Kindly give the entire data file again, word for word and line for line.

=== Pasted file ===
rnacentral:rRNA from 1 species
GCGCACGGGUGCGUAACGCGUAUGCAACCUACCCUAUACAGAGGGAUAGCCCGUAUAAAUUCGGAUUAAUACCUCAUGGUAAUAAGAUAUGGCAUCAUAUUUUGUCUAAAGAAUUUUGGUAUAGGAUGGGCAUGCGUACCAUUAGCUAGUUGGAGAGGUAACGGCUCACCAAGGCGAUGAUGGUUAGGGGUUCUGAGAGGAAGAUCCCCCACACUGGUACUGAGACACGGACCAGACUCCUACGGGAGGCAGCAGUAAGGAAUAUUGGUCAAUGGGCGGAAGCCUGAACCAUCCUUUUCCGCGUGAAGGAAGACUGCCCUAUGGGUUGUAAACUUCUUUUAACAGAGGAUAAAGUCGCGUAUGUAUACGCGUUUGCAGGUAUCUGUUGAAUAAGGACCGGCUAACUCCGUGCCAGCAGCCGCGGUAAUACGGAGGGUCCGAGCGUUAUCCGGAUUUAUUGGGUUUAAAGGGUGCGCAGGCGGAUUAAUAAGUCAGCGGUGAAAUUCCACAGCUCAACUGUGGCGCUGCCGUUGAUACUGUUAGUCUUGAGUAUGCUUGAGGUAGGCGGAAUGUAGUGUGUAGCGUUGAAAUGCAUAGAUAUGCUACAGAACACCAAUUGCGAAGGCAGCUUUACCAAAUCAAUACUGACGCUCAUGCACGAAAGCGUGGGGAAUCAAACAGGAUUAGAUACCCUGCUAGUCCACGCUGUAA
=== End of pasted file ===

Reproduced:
rnacentral:rRNA from 1 species
GCGCACGGGUGCGUAACGCGUAUGCAACCUACCCUAUACAGAGGGAUAGCCCGUAUAAAUUCGGAUUAAUACCUCAUGGUAAUAAGAUAUGGCAUCAUAUUUUGUCUAAAGAAUUUUGGUAUAGGAUGGGCAUGCGUACCAUUAGCUAGUUGGAGAGGUAACGGCUCACCAAGGCGAUGAUGGUUAGGGGUUCUGAGAGGAAGAUCCCCCACACUGGUACUGAGACACGGACCAGACUCCUACGGGAGGCAGCAGUAAGGAAUAUUGGUCAAUGGGCGGAAGCCUGAACCAUCCUUUUCCGCGUGAAGGAAGACUGCCCUAUGGGUUGUAAACUUCUUUUAACAGAGGAUAAAGUCGCGUAUGUAUACGCGUUUGCAGGUAUCUGUUGAAUAAGGACCGGCUAACUCCGUGCCAGCAGCCGCGGUAAUACGGAGGGUCCGAGCGUUAUCCGGAUUUAUUGGGUUUAAAGGGUGCGCAGGCGGAUUAAUAAGUCAGCGGUGAAAUUCCACAGCUCAACUGUGGCGCUGCCGUUGAUACUGUUAGUCUUGAGUAUGCUUGAGGUAGGCGGAAUGUAGUGUGUAGCGUUGAAAUGCAUAGAUAUGCUACAGAACACCAAUUGCGAAGGCAGCUUUACCAAAUCAAUACUGACGCUCAUGCACGAAAGCGUGGGGAAUCAAACAGGAUUAGAUACCCUGCUAGUCCACGCUGUAA